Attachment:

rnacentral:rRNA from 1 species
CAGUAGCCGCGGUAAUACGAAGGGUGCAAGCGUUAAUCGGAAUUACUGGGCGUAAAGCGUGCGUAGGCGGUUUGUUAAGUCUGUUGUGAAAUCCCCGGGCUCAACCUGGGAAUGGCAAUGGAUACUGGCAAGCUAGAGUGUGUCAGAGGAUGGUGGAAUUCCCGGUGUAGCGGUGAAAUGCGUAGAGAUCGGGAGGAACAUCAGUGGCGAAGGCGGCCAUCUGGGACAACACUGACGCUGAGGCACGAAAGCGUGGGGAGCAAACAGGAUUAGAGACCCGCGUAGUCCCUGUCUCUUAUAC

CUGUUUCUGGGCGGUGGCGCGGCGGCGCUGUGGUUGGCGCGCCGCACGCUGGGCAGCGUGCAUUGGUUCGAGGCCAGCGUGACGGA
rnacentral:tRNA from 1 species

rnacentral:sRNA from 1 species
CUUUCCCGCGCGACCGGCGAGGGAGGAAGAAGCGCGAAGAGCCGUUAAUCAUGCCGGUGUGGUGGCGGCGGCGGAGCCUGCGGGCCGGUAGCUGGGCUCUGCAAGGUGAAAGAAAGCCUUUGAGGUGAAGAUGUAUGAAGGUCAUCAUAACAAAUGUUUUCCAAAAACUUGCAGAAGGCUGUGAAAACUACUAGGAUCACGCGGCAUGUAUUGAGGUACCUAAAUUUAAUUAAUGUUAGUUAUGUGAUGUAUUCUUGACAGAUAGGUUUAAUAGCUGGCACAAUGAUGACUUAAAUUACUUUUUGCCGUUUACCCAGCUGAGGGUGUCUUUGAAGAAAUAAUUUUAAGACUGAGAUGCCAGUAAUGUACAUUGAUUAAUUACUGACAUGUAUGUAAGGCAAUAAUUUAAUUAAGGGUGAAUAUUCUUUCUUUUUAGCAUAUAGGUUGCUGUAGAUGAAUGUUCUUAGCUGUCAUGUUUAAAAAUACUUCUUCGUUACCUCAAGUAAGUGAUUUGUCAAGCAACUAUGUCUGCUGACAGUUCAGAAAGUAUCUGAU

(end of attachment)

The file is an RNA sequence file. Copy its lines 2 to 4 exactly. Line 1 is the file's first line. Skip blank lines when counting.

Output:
CAGUAGCCGCGGUAAUACGAAGGGUGCAAGCGUUAAUCGGAAUUACUGGGCGUAAAGCGUGCGUAGGCGGUUUGUUAAGUCUGUUGUGAAAUCCCCGGGCUCAACCUGGGAAUGGCAAUGGAUACUGGCAAGCUAGAGUGUGUCAGAGGAUGGUGGAAUUCCCGGUGUAGCGGUGAAAUGCGUAGAGAUCGGGAGGAACAUCAGUGGCGAAGGCGGCCAUCUGGGACAACACUGACGCUGAGGCACGAAAGCGUGGGGAGCAAACAGGAUUAGAGACCCGCGUAGUCCCUGUCUCUUAUAC

CUGUUUCUGGGCGGUGGCGCGGCGGCGCUGUGGUUGGCGCGCCGCACGCUGGGCAGCGUGCAUUGGUUCGAGGCCAGCGUGACGGA
rnacentral:tRNA from 1 species